How wood-based plastics may enable circular building materials

  • 3 min reading
<span id="hs_cos_wrapper_name" class="hs_cos_wrapper hs_cos_wrapper_meta_field hs_cos_wrapper_type_text" style="" data-hs-cos-general-type="meta_field" data-hs-cos-type="text" >How wood-based plastics may enable circular building materials</span>


Have you heard of wood-based plastic?

It could be one solution to the construction industry’s major challenges with circular transition due to its high material use. Peter Olsén is one of the researchers at the Royal Institute of Technology in Sweden (KTH) who developed a wood-based plastic that could be used for building materials and home furnishings in the future.

Peter leads a group of chemists who focus on new types of green materials. The vision of a circular material economy is a strong driving force behind their work. He hopes that his research will trigger more development toward the next generation of better material solutions.

You are a researcher at the Department of Biocomposites at the Department of Fiber and Polymer Technology at KTH. Where did your passion for research come from?

"I got my doctorate in degradable plastics, and it has been a dream to create plastic that is harmless to the environment. But I actually worked as a carpenter for about five years before I decided to pursue higher studies. In a way, I still use my carpenter thinking as a chemist, but on a micro level, as I build my own materials. “Circularity is an important challenge. If we take bio-based material from the forest and create plastic it does not necessarily mean that it is good for the environment."

You and your colleagues recently published new research on wood-based degradable plastic. What have you developed?

“A degradable plastic is built around the wood fiber. We were interested in combining degradable plastic, which is often too weak, with durable wood fiber. The material is degradable, but still strong enough to be used the same way as certain fossil materials today.”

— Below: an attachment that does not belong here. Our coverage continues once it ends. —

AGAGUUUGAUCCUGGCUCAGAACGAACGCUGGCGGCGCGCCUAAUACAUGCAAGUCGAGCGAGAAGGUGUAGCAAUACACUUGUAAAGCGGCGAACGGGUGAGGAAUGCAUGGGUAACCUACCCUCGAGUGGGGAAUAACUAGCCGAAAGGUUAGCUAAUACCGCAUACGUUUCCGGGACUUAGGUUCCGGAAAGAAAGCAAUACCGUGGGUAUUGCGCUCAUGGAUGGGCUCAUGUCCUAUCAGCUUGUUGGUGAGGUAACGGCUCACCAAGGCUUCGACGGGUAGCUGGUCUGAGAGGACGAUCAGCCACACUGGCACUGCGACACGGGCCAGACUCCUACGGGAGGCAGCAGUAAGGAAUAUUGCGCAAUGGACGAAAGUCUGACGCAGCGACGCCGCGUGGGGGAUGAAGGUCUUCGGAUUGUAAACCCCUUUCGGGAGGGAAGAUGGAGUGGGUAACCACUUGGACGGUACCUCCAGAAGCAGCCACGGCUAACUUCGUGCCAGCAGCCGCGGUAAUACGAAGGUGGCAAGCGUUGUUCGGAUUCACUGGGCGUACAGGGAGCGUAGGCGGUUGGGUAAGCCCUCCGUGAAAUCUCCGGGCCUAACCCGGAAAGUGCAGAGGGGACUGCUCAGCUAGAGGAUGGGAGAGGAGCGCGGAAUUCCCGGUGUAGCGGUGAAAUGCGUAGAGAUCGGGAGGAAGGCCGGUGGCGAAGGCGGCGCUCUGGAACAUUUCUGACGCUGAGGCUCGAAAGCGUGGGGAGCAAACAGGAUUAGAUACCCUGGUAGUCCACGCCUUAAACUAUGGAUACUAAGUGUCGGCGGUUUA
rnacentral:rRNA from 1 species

It sounds like a breakthrough. How were you able to develop this material?

“By understanding the roadblocks. Instead of continuing the path others had taken, we had to develop new chemistry for this problem, and link it to green chemistry. All parts come into play: how do we build, how is it made industrially viable, and can it be recycled? We think about circularity from a chemical perspective and how to go back and recreate the material.”

In what way is it circular and sustainable?

“First of all, it is truly degradable. We would of course prefer for plastic not to end up in nature at all, but it can still happen so it needs to be degradable. Secondly, it holds the potential to be recycled in a closed-loop fashion towards new wood-based plastic. The construction industry uses large volumes of materials and could become a role model in implementing a fully circular material economy.” Peter remembers his former experience as a carpenter and how they worked with recycling in construction. “We were carefully separating waste materials. Wood with wood, steel with steel, and so on. With an established system, it is easy to add a new material for recycling. The dream is an endless circular loop.”

What can the material you worked with be used for?

“It is best suited for indoor use. It could be used for solid furniture or wall panels, which can be collected and recycled once they’re no longer needed. The material’s properties are not strong enough for load-bearing structures yet – we wouldn’t want a building beam to break down too easily, for example. So we are currently working on a completely bio-based system with a much stronger degradable plastic, to take this to the next level.

Discussions about materials can sometimes seem very black and white. How do you feel about how we view natural versus synthetic materials?

“It is easy to think that plastic is bad and everything from nature is good. But reality doesn’t always look like that. We should see materials as materials, instead of automatically assessing that plastic is always the worst. I work with plastic and wood and love both materials. When you manage to combine the materials you get the best of both worlds. Synergy is the future.”

Adapteo commitments and goals

We’re committed to contributing to the UN Sustainable Development Goals where our business has an impact. Read about how we are contributing to the UN Sustainable Development Goals.

2022 Commitments

  • Certified wood in our buildings
  • Use of recycled & renewable materials
  • Renewable energy in our production
  • Reduced emissions from transports
  • Reuse of building modules
  • Efficient production methods
  • Energy-efficient buildings
  • Offering solar panels

2030 Goals

  • 100% climate-neutral production
  • 100% fossil-free transport
  • Phase out fossil plastics
  • Expand our circular flows